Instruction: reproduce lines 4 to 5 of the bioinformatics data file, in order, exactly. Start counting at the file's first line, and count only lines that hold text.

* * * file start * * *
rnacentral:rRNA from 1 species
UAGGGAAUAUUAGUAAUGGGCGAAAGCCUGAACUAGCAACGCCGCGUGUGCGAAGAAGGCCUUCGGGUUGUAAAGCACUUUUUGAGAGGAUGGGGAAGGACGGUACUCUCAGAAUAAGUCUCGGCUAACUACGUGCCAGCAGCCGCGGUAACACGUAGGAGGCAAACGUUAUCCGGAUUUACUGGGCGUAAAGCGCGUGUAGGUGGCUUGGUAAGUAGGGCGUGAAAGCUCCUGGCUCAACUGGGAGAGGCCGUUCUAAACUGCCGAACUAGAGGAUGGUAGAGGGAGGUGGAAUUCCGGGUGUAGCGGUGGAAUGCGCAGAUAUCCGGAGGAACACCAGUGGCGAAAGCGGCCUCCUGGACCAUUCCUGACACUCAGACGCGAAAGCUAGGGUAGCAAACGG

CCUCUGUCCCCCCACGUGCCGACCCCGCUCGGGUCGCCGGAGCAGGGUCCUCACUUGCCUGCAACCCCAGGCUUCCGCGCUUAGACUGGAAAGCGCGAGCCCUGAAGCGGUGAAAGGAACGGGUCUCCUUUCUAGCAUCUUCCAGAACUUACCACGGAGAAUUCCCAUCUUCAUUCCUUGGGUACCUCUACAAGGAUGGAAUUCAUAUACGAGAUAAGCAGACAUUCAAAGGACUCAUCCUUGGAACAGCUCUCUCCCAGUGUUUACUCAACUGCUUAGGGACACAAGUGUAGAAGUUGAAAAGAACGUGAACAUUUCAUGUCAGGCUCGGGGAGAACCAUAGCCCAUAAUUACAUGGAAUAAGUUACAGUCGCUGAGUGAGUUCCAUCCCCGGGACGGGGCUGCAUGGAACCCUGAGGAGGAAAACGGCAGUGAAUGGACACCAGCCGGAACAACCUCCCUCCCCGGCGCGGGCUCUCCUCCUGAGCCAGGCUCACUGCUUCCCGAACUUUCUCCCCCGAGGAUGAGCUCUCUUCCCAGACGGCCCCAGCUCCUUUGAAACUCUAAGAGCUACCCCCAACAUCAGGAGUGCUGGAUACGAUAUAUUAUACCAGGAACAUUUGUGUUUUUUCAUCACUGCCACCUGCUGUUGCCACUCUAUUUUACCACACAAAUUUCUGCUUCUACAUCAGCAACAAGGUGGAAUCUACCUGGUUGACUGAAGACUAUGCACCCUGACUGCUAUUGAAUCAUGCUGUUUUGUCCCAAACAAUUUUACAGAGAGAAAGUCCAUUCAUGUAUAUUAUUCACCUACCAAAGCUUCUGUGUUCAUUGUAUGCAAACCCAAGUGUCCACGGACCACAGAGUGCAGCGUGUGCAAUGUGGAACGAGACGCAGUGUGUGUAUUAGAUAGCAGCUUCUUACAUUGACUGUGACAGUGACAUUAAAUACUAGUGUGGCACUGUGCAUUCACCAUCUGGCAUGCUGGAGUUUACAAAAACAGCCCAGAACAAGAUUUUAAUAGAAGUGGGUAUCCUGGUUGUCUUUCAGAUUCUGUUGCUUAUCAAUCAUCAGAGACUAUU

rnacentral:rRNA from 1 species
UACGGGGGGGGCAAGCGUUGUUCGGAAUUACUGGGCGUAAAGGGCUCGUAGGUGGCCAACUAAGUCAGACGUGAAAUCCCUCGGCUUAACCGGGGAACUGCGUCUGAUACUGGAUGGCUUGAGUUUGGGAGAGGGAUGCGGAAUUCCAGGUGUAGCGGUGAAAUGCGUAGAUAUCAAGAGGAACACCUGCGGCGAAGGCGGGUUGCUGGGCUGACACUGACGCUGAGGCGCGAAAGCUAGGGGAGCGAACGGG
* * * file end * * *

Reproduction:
rnacentral:rRNA from 1 species
UACGGGGGGGGCAAGCGUUGUUCGGAAUUACUGGGCGUAAAGGGCUCGUAGGUGGCCAACUAAGUCAGACGUGAAAUCCCUCGGCUUAACCGGGGAACUGCGUCUGAUACUGGAUGGCUUGAGUUUGGGAGAGGGAUGCGGAAUUCCAGGUGUAGCGGUGAAAUGCGUAGAUAUCAAGAGGAACACCUGCGGCGAAGGCGGGUUGCUGGGCUGACACUGACGCUGAGGCGCGAAAGCUAGGGGAGCGAACGGG